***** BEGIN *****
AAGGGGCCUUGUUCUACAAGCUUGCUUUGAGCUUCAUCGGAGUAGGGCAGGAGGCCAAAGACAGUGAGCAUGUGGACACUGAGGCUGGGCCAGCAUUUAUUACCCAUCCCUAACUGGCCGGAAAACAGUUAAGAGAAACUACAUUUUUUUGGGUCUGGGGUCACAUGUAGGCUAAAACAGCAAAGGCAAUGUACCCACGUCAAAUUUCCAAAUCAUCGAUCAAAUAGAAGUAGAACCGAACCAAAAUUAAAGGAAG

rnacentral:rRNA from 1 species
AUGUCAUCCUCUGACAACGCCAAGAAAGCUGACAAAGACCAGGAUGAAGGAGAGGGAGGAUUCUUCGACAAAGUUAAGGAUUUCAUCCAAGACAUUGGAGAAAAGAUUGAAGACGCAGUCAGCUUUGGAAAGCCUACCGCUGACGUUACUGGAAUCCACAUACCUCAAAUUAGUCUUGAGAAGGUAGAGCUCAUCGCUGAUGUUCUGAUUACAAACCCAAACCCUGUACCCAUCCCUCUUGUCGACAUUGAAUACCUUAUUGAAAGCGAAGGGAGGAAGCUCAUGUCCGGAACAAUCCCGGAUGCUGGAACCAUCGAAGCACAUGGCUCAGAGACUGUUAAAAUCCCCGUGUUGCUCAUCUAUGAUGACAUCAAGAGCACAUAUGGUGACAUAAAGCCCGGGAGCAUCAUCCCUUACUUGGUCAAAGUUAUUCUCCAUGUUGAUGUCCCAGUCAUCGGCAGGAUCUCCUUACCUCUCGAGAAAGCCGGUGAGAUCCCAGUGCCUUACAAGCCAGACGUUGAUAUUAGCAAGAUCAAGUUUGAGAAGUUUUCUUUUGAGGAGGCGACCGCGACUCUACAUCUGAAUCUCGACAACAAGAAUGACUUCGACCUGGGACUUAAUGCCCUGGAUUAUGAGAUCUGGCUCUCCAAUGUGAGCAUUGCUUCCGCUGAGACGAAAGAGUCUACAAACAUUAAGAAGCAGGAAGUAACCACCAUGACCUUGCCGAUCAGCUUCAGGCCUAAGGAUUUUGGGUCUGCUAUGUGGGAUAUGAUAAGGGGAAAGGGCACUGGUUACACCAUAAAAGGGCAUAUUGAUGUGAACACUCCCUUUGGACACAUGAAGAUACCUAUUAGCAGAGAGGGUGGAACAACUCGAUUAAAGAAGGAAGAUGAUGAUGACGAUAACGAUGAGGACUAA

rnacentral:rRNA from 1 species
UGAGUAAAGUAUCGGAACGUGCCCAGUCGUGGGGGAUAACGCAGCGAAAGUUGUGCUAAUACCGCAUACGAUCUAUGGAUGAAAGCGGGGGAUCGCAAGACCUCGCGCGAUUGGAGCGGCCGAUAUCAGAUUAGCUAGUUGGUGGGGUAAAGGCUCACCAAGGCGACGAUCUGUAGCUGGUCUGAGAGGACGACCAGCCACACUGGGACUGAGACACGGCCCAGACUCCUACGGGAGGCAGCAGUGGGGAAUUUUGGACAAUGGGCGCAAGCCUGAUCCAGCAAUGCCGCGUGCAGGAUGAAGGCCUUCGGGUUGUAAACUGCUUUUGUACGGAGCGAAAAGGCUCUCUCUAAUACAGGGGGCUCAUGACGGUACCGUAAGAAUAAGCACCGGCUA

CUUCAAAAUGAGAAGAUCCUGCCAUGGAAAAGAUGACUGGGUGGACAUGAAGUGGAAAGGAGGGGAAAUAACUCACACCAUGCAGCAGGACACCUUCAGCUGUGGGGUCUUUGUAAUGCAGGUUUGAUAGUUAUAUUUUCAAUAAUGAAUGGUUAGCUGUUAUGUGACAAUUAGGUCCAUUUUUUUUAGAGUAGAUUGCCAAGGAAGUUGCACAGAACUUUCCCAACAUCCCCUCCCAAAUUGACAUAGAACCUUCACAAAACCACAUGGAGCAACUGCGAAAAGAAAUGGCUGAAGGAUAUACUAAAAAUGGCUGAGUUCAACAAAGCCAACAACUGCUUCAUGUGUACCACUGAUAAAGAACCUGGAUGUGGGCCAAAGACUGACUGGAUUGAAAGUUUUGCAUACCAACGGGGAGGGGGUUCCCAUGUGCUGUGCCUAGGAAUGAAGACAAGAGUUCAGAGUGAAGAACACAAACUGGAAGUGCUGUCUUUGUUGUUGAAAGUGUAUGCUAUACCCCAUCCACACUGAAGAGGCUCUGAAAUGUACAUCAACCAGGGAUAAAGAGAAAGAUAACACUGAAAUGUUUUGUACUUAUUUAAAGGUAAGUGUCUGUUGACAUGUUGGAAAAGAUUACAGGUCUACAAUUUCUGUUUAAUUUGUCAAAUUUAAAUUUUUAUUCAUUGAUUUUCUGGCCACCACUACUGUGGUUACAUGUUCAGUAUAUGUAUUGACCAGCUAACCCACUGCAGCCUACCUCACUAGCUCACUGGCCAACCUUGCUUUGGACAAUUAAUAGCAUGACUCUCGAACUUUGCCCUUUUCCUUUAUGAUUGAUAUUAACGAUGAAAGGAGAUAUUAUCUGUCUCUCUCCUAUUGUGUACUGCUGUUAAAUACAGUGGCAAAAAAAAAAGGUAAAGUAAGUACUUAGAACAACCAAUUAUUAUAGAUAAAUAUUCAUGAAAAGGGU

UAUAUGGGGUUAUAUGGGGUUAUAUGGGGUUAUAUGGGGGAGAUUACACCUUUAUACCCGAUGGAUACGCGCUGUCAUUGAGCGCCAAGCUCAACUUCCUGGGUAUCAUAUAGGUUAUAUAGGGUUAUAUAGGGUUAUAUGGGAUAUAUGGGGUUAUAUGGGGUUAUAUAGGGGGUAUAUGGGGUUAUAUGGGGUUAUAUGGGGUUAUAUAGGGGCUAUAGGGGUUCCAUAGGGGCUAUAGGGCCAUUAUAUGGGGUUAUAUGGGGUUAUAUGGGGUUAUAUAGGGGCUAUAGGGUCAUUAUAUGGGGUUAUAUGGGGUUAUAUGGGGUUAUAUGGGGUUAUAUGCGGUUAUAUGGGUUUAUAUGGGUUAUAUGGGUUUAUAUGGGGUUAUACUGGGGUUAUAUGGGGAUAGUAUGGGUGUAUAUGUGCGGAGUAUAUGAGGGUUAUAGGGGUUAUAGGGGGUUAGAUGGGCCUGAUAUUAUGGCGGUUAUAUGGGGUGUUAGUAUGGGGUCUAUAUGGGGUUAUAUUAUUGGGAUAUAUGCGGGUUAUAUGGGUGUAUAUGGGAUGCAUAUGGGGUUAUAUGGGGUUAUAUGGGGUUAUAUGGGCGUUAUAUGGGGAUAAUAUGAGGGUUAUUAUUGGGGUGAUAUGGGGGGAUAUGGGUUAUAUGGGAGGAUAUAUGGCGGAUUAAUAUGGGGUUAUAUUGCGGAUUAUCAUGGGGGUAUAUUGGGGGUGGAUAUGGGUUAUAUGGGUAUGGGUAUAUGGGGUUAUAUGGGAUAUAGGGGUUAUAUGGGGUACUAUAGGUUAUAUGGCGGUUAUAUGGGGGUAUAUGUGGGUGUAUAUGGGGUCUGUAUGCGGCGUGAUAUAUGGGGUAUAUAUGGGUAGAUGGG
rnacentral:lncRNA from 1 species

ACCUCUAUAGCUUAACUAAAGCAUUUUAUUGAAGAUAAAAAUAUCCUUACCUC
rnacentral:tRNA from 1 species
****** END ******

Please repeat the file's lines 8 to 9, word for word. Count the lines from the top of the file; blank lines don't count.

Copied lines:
rnacentral:lncRNA from 1 species

ACCUCUAUAGCUUAACUAAAGCAUUUUAUUGAAGAUAAAAAUAUCCUUACCUC